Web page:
Not the Ivy League

Ivy is one of the most common forms of ground cover. Its popularity is fueled by the ease with which it grows and the lack of attention it requires. Ivy is the epitome of “plant it and leave” gardening. It can grow in many different climates and is a hearty plant that can withstand many shifts in temperature.

Planting Ivy in your garden will not only add a beautiful and lush cover across the ground, but it is actually beneficial to the ground itself. Ivy has roots that burrow deep and intertwine, thus creating a “net” effect through the soil. The network of roots protect the soil from erosion and in turn, helps to keep your garden from becoming flooded out.

Ivy can also quickly cover a trellis with its beautiful foliage, making a lush wall of green that works perfectly as a natural privacy wall. We’ll look at the best way to plant Ivy in a minute, but first, let’s look at a few of the most common types of Ivy found at nurseries which you can plant to enhance your garden.

  • English Ivy (Hedera helix)---The most common style of Ivy, it is very dark green in color and has thick veins. English Ivy is one of the hardiest types and is ideal for under trees, hillsides and borders. Very fast growth rate. Plant approx. 10-14” apart.


  • Heart-Leaf Ivy (Hedera helix scutifolia)---Also known as Itsy Bitsy Ivy, it’s a smaller version of English Ivy and has a heart shaped leaf. Plant approx. 10-14” apart.
  • Algerian Ivy (Hedera canariensis)---Sometimes called “Elephant Ear Ivy” due to the large leaves it exhibits. Leaves generally grow to be 6” wide, but they have been known to grow up to 8” wide. Dark green center that slowly lightens as it moves outward toward the edges with a yellow outer edge. Other popular names include Canary Ivy and Madeira Ivy. Plant approx. 18” apart.


As stated earlier, Ivy is a very strong and hearty plant but it does best when it’s planted in a shady portion of the garden or yard. When planted in direct sunlight, the Ivy can become withered and it is susceptible to winter-burn.

Spring is the ideal time of year to plant Ivy. The plant should be well watered, as well as the ground where you are going to be planting the Ivy. Most Ivy grows best when it’s planted about 12 inches apart, however, when planting Algerian Ivy, 18 inches apart is the general rule.

If you are planning on allowing your Ivy to grow vertically, like up a wall or trellis, then be sure to plant the Ivy as close to the base of the trellis or wall as possible.

If you are planting new Ivy, it’s recommended not to fertilize the plants for approximately 3 to 4 months. Simply watering them should be enough until they get established. Once established, it’s okay to fertilize the Ivy with an all-purpose fertilizer (10-10-10). Ivy can be trimmed as often as you like, however 2 to 3 times per year promotes the best growth.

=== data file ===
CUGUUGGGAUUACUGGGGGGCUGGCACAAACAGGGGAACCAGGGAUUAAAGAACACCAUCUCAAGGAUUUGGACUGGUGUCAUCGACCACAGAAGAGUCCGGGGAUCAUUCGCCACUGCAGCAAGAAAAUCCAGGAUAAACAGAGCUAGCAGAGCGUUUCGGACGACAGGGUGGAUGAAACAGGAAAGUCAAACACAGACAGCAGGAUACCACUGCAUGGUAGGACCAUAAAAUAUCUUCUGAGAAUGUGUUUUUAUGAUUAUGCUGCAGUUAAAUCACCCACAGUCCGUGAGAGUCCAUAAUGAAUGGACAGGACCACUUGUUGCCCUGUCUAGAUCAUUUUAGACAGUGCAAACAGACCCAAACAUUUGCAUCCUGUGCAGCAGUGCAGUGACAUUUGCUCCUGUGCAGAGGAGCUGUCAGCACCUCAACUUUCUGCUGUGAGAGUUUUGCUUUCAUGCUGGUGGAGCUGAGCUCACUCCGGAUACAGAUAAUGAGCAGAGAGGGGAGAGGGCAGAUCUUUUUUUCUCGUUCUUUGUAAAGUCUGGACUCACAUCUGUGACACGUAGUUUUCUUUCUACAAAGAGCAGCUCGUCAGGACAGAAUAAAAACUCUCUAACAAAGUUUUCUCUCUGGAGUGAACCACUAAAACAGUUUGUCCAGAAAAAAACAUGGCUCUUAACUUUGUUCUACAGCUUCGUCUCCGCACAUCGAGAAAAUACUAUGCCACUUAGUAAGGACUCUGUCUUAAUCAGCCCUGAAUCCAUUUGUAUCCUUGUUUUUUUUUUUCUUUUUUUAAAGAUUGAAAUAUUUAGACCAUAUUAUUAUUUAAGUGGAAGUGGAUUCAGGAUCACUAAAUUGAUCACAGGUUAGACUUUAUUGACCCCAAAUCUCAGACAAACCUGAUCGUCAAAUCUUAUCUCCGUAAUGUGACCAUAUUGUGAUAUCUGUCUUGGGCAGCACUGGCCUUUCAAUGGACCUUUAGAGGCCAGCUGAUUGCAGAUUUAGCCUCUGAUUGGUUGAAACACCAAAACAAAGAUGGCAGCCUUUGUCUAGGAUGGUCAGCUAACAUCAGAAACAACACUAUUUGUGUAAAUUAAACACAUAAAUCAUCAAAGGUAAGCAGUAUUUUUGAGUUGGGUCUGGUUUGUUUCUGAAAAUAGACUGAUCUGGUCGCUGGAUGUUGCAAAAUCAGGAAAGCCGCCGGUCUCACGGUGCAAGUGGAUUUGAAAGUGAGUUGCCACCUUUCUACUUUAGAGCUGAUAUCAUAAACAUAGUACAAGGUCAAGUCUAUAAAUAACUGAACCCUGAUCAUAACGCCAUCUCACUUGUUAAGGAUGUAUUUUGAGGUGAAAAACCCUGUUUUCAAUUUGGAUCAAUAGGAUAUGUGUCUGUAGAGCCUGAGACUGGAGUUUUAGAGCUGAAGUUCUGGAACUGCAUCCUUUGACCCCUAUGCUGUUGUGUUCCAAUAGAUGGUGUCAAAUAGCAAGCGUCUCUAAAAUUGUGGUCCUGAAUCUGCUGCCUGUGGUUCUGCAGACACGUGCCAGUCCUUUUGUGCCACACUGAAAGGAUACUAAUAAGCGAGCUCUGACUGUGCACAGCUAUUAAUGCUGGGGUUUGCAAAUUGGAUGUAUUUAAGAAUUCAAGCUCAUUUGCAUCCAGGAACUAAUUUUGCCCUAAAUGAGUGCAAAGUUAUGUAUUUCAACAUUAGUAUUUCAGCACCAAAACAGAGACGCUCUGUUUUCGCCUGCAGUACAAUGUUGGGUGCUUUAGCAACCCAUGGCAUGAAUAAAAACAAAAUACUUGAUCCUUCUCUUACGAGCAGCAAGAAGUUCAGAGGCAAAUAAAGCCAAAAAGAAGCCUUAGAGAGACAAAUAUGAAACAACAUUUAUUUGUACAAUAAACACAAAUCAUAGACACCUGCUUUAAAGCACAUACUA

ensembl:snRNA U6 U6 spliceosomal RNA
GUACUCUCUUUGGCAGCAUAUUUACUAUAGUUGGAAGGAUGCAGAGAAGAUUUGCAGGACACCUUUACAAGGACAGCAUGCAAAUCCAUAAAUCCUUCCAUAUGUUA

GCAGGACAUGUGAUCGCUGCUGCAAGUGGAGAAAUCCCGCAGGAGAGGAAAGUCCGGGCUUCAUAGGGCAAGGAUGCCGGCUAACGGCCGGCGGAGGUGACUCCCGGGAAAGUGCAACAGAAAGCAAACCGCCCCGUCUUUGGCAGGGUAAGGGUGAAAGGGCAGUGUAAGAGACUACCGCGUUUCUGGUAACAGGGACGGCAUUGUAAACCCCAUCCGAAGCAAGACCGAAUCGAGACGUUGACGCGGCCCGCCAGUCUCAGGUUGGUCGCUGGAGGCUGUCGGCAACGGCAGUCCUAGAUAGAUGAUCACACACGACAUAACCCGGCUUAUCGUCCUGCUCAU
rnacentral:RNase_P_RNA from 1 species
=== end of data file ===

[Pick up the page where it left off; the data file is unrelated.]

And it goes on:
Although Ivy is an evergreen and is rarely bothered by frost, it is still capable of becoming diseased. While most disease is easily preventable by following proper fertilization and watering guidelines, there may be times when you see a leaf that has become shriveled and black. Simply removing the affected leaves will ensure that the disease doesn’t spread.

Ivy can also attract certain pest, some of which are easy to get rid of and some that are not. Here’s a list of common Ivy pests and how to remove them:

  • Spider Mites---Spider mites are difficult to see, but you will know they’re there if your Ivy has a very fine webbing over it. The leaves may appear dusty looking. They’re easy to get rid of by using a solution of soapy water to dip the leaves into.


  • Aphids---Aphids are the size of a flea and can be found around the stem tips or leaf axis. If the infestation is serious, you will notice a sticky film on the Ivy which may turn into a black mold. Use rose dust to get rid of them, or a commercial product directly manufactured for aphid removal.
  • Mealybugs---Mealybugs resemble a small piece of cotton and can be difficult to get rid of. To protect the Ivy as much as possible, it’s best to attack these bugs on a one-on-one basis. Dab each mealybug with a Q-Tip soaked in alcohol. It’s best to keep an eye on the plants for about 2 weeks to ensure you don’t have a repeat visit.
  • Scale---Scale are little brown bugs that have a very hard outer shell. The outer shell makes them impervious to sprays. They can usually be found on the stems or on the underside of the leaves. If found, remove the affected portion of Ivy.

As with every plant, attention and care serves the Ivy best. While it may seem as though it grows like a weed, proper pruning and fertilization can ensure your ground cover doesn’t get too out of control and provides your garden with exactly the look you want.

Dave Donovan is a freelance copywriter living in Atco, N.J. An electrician for 15 years, an injury forced him to pursue his true passion - writing.